Simulation of three rows of a multistage compressor with the harmonic balance method.
Essential physical phenomena occur in the simulation of flow in turbomachinery often with specific frequencies, e.g. at multiples of the rotation frequency or at the eigenfrequencies of blades. In these cases, it is sufficient to calculate the solution of the flow equations for some frequencies only. This is achieved by transforming the flow equations into the frequency domain and solving these equations for selected frequencies. Thus the computation time is reduced by one to two magnitudes compared to a nonlinear, unsteady calculation. In TRACE two types of frequency domain methods are implemented: in a classical time-linearized Navier-Stokes method and a harmonic-balance method which takes into account a set of frequency and their non-linear coupling
Time-linearized Navier-Stokes Solver
This method is based on the assumption that the solution of the flow equation can be decomposed into a time-independent part and a small time-dependent perturbation. This allows to derive linear equations for the perturbations. These equations are transferred, using a harmonic ansatz for the perturbation into the frequency domain. The spatial discretization then leads to a complex-valued linear system of equations which is solved with a pseudo time-stepping or GMRes method. The linearization and the formulation in the frequency domain makes it easy, compared to unsteady non-linear solvers, to implement some turbomachinery specific boundary conditions. These are non-reflecting boundary conditions on entry and exit surfaces and periodicity constraints, which allow for the simulation of configurations with multiple blade rows to calculate the solution in only one segment per row instead of the full wheel. Applications for this method are flutter and forced response analysis, as well as aeroacoustic studies.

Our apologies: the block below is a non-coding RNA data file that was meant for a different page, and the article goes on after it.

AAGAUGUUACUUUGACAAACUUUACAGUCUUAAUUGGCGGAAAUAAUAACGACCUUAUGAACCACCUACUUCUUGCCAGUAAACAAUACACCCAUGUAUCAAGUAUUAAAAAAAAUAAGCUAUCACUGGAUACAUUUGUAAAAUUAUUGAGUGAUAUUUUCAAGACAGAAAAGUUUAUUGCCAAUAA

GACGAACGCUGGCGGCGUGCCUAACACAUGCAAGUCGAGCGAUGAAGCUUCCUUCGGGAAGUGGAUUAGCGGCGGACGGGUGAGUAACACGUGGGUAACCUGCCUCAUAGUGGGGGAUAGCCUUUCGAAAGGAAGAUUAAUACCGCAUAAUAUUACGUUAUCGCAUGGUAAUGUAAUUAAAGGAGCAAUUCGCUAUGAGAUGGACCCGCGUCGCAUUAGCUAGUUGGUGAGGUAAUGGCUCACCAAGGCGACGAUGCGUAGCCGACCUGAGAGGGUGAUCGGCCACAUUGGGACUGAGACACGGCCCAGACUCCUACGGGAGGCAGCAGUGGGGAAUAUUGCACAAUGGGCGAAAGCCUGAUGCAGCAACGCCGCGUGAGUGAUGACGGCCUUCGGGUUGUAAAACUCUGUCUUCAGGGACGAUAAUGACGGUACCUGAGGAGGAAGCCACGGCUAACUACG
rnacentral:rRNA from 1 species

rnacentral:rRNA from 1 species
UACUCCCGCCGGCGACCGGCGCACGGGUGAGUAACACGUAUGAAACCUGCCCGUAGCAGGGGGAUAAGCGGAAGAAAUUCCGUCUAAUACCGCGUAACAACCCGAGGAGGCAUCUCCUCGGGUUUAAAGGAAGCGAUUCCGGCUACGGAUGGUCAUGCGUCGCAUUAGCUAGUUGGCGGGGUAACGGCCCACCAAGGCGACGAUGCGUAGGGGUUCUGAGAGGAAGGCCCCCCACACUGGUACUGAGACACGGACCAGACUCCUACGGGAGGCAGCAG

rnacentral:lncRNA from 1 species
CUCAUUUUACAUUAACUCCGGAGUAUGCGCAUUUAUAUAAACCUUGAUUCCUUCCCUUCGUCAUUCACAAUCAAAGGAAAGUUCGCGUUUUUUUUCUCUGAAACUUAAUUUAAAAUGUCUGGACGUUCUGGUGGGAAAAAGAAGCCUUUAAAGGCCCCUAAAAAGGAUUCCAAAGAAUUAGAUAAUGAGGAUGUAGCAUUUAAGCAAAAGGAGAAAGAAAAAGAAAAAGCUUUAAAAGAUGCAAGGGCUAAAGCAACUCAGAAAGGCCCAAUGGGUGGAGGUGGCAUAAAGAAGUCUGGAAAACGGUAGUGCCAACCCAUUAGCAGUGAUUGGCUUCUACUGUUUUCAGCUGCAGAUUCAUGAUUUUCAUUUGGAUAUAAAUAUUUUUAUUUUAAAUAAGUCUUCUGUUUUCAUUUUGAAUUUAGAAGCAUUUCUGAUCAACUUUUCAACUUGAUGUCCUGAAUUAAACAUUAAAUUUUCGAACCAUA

Harmonic Balance Solver
The harmonic balance approach for the simulation of unsteady flows works by transforming the nonlinear flow equations in the frequency domain and solves them for selected frequencies. In contrast to the time-linearized approach the equations are not linearized which results in a coupling of the equations for the selected frequencies. By taking into account sufficiently many frequencies the solution of the nonlinear unsteady equations can be arbitrarily accurately approximated. For each frequency, the Fourier coefficients of the unsteady flow are computed by discrete Fourier and invers Fourier transforms of the flow variables and the nonlinear residuals. Here it proves particularly useful that an existing formulation of the flow residual, i.e. the spatial discretization of the flow equations, can be employed. The system of equations for the different frequencies is non-linear and must be solved with an appropriate iterative solution procedure. A pseudo time-step solver is used here which is already used in the steady and unsteady non-linear solver. Because the basic equations are formulated in the frequency domain, some turbomachinery specific boundary conditions can be used as in the time-linearized solvers which are very difficult to integrate in time domain solvers and cause significant run-time problems there. These are on the one hand non-reflecting boundary conditions at inlet and outlet and on the other hand the periodic boundary conditions with time shift which allows in multi-stage configurations to solve the equations in only one segment of every blade row instead of the full wheel. These two extensions of the solution method are prerequisites for an efficient and high-quality simulation of unsteady flows in turbomachines.